“Our company has never conducted any secret campaign to trick competitors into generating false positives to damage their market standing,” a Kaspersky rep told Reuters. “Such actions are unethical, dishonest and their legality is at least questionable.” However, the company’s actions back in 2010 would suggest that Kaspersky isn’t completely above such acts. In 2010, to protest what it saw as rival companies lifting its valuable virus databases wholesale from third party aggregators like Google’s VirusTotal, Kaspersky flagged 10 innocuous files as malicious. Within 10 days, more than a dozen rival security programs were quarantining those same files, sight unseen.
munki-enroll – Scripts to automatically enroll clients in Munki, allowing for very flexible manifest structures.
Snipped from the Mac Enterprise email list:
# This mofifies cupsd.conf to allow a user to un-pause printers
sudo launchctl stop org.cups.cupsd
cp /etc/cups/cupsd.conf /etc/cups/cupsd.conf.org;rm
/etc/cups/cupsd.conf;cat /etc/cups/cupsd.conf.org | sed -e ‘s/Limit
Pause-Printer Resume-Printer Enable-Printer/Limit Enable-Printer/’ >
sudo launchctl start org.cups.cupsd
A new “data restore” option has appeared on iCloud.com allowing users to “roll back” recently-deleted documents, and Contacts or Calendar edits. The service now saves “snapshots” of recent states and lets users revert back to them, recovering files and changes accidentally deleted or changed. The “restore” options are fairly well-hidden at present, but are found in the Advanced Settings page of the web site.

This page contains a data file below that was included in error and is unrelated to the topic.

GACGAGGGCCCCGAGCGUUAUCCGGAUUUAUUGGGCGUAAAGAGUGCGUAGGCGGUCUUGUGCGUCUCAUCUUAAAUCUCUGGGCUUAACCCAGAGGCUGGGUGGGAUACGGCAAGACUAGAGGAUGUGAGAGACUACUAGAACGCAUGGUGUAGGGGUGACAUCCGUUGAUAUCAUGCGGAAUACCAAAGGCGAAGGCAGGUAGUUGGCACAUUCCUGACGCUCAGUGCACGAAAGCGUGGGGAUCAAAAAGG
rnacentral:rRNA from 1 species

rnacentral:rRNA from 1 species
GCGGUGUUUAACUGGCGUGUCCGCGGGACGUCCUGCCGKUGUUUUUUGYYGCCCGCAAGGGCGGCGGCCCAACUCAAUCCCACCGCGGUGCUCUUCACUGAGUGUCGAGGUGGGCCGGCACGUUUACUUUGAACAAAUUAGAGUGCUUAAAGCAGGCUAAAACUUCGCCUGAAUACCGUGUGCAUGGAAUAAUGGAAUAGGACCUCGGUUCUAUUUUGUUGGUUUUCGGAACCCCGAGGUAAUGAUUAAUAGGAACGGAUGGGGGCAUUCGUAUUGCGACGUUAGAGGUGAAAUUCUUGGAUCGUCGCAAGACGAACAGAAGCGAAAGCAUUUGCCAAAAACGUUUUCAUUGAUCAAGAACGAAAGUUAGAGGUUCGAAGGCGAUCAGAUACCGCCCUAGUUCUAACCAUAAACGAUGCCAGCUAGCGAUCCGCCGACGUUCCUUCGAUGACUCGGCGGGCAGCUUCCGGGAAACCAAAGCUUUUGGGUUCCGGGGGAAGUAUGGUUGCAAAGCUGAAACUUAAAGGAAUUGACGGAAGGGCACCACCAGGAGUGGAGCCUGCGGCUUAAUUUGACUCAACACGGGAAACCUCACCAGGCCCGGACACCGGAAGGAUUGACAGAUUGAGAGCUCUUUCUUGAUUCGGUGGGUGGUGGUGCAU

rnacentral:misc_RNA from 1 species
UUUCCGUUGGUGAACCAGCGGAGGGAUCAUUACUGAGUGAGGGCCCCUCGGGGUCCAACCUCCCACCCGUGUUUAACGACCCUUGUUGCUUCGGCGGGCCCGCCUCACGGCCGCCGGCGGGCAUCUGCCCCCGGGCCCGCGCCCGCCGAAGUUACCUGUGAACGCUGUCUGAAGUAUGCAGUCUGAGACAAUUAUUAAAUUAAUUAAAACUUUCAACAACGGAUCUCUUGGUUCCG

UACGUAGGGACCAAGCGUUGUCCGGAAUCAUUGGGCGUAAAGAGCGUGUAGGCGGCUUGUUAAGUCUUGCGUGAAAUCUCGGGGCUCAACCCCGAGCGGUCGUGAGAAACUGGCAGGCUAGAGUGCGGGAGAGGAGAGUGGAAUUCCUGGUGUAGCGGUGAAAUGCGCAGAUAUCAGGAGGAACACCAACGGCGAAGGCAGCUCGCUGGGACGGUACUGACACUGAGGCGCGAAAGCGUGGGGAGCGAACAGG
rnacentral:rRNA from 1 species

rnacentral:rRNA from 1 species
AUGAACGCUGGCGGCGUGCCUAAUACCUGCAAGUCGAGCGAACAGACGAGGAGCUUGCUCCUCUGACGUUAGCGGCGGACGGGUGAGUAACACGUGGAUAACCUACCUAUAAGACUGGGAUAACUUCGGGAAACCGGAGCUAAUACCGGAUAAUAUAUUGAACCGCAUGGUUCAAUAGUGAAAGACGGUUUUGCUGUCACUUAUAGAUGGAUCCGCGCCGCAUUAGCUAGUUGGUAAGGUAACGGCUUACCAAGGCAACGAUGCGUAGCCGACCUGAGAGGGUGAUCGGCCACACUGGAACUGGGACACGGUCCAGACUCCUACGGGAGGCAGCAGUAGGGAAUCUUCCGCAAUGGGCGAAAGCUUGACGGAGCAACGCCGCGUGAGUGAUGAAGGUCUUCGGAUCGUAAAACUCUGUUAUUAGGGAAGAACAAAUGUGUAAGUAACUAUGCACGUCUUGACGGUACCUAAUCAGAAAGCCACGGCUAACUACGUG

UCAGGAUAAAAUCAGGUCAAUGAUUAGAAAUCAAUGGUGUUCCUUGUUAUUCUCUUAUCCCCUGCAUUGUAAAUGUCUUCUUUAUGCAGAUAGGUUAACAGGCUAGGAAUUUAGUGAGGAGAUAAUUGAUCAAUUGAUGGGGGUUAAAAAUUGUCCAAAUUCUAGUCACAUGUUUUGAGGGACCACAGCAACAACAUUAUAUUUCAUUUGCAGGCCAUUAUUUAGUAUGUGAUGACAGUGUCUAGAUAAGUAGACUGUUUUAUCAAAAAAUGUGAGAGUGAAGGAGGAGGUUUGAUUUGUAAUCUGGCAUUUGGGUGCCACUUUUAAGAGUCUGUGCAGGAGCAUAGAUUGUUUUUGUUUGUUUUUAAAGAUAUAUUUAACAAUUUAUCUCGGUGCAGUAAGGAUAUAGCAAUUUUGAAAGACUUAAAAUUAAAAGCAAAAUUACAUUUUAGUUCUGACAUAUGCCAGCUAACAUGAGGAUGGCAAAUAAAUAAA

Rogers, MN honor student Reid Sagehorn was suspended after he tweeted two words, using his own device, on his own time, off school property.
Call me old-fashioned, but I think the capacity to play / use DVDs should be considered a basic part of the OS, even if the machine doesn’t have a built in unit.
Homer is walking through the town dump when he passes a big pile of VCR tapes. The sign above reads, “Betamax.” Next up, another pile, this time with a sign reading, “Laserdiscs.” Finally, he walks past an empty space; the sign says, “Reserved for DVDs.”That episode aired in 2003. Here in 2015, the handwriting is definitely on the wall (if not the dump sign), as Windows PCs can no longer play DVDs without help. Windows 10, like Windows 8 and 8.1 before it, lacks the necessary software.20th Century FoxOf course, Microsoft will be happy to sell it to you: The Windows DVD Player app is now available from the Windows Store for $14.99.If that seems like too steep a price to keep your DVD collection alive and spinning, here’s good news: You can watch DVDs on your Windows 10 PC for free. Here’s what you need: